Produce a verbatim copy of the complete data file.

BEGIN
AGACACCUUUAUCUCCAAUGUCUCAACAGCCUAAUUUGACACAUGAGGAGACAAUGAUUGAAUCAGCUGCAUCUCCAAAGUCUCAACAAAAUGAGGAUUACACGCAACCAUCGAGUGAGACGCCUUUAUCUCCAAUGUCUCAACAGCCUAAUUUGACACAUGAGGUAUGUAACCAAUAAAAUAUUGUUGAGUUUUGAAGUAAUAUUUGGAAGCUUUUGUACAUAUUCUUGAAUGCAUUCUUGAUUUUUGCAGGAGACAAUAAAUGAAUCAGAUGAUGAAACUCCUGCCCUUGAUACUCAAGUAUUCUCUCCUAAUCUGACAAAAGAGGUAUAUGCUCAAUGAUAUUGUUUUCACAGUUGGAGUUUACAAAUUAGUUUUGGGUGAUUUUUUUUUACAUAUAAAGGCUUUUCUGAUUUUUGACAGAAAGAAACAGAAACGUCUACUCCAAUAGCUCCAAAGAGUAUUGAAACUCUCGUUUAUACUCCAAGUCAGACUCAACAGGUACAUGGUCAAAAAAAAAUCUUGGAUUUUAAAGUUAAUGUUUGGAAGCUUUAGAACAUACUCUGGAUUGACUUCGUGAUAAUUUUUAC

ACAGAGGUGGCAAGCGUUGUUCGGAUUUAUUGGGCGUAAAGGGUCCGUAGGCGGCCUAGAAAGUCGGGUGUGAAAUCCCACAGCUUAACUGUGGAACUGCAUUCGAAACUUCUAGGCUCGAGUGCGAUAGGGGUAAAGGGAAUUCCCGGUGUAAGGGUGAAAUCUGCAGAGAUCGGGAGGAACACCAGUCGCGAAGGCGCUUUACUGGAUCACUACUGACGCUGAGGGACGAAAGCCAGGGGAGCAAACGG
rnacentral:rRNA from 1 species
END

AGACACCUUUAUCUCCAAUGUCUCAACAGCCUAAUUUGACACAUGAGGAGACAAUGAUUGAAUCAGCUGCAUCUCCAAAGUCUCAACAAAAUGAGGAUUACACGCAACCAUCGAGUGAGACGCCUUUAUCUCCAAUGUCUCAACAGCCUAAUUUGACACAUGAGGUAUGUAACCAAUAAAAUAUUGUUGAGUUUUGAAGUAAUAUUUGGAAGCUUUUGUACAUAUUCUUGAAUGCAUUCUUGAUUUUUGCAGGAGACAAUAAAUGAAUCAGAUGAUGAAACUCCUGCCCUUGAUACUCAAGUAUUCUCUCCUAAUCUGACAAAAGAGGUAUAUGCUCAAUGAUAUUGUUUUCACAGUUGGAGUUUACAAAUUAGUUUUGGGUGAUUUUUUUUUACAUAUAAAGGCUUUUCUGAUUUUUGACAGAAAGAAACAGAAACGUCUACUCCAAUAGCUCCAAAGAGUAUUGAAACUCUCGUUUAUACUCCAAGUCAGACUCAACAGGUACAUGGUCAAAAAAAAAUCUUGGAUUUUAAAGUUAAUGUUUGGAAGCUUUAGAACAUACUCUGGAUUGACUUCGUGAUAAUUUUUAC

ACAGAGGUGGCAAGCGUUGUUCGGAUUUAUUGGGCGUAAAGGGUCCGUAGGCGGCCUAGAAAGUCGGGUGUGAAAUCCCACAGCUUAACUGUGGAACUGCAUUCGAAACUUCUAGGCUCGAGUGCGAUAGGGGUAAAGGGAAUUCCCGGUGUAAGGGUGAAAUCUGCAGAGAUCGGGAGGAACACCAGUCGCGAAGGCGCUUUACUGGAUCACUACUGACGCUGAGGGACGAAAGCCAGGGGAGCAAACGG
rnacentral:rRNA from 1 species